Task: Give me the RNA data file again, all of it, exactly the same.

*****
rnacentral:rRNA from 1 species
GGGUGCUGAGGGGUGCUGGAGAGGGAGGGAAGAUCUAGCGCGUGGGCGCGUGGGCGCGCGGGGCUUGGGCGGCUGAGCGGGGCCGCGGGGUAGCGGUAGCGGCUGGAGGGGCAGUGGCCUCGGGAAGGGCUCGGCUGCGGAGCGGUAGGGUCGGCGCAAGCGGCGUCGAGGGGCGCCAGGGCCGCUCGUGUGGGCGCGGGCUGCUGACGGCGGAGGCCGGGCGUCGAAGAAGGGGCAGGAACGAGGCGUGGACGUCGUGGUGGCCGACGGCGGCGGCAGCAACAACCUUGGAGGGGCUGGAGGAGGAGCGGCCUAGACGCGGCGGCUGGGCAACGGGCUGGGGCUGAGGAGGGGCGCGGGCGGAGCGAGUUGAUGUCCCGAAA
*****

rnacentral:rRNA from 1 species
GGGUGCUGAGGGGUGCUGGAGAGGGAGGGAAGAUCUAGCGCGUGGGCGCGUGGGCGCGCGGGGCUUGGGCGGCUGAGCGGGGCCGCGGGGUAGCGGUAGCGGCUGGAGGGGCAGUGGCCUCGGGAAGGGCUCGGCUGCGGAGCGGUAGGGUCGGCGCAAGCGGCGUCGAGGGGCGCCAGGGCCGCUCGUGUGGGCGCGGGCUGCUGACGGCGGAGGCCGGGCGUCGAAGAAGGGGCAGGAACGAGGCGUGGACGUCGUGGUGGCCGACGGCGGCGGCAGCAACAACCUUGGAGGGGCUGGAGGAGGAGCGGCCUAGACGCGGCGGCUGGGCAACGGGCUGGGGCUGAGGAGGGGCGCGGGCGGAGCGAGUUGAUGUCCCGAAA